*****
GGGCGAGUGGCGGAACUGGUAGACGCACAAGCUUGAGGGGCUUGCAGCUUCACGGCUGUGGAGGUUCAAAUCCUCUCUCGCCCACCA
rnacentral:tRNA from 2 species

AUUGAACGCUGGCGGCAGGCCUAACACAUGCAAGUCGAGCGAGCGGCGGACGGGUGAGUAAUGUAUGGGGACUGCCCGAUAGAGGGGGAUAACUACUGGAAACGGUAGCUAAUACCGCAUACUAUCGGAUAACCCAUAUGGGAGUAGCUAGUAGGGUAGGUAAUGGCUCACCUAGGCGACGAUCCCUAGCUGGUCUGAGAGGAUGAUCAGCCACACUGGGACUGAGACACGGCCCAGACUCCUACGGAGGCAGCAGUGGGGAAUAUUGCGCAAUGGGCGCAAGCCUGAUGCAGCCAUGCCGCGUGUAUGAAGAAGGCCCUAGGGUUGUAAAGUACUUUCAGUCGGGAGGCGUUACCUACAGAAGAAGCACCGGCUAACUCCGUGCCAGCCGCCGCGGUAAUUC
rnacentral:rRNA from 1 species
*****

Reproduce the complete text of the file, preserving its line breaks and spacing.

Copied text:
GGGCGAGUGGCGGAACUGGUAGACGCACAAGCUUGAGGGGCUUGCAGCUUCACGGCUGUGGAGGUUCAAAUCCUCUCUCGCCCACCA
rnacentral:tRNA from 2 species

AUUGAACGCUGGCGGCAGGCCUAACACAUGCAAGUCGAGCGAGCGGCGGACGGGUGAGUAAUGUAUGGGGACUGCCCGAUAGAGGGGGAUAACUACUGGAAACGGUAGCUAAUACCGCAUACUAUCGGAUAACCCAUAUGGGAGUAGCUAGUAGGGUAGGUAAUGGCUCACCUAGGCGACGAUCCCUAGCUGGUCUGAGAGGAUGAUCAGCCACACUGGGACUGAGACACGGCCCAGACUCCUACGGAGGCAGCAGUGGGGAAUAUUGCGCAAUGGGCGCAAGCCUGAUGCAGCCAUGCCGCGUGUAUGAAGAAGGCCCUAGGGUUGUAAAGUACUUUCAGUCGGGAGGCGUUACCUACAGAAGAAGCACCGGCUAACUCCGUGCCAGCCGCCGCGGUAAUUC
rnacentral:rRNA from 1 species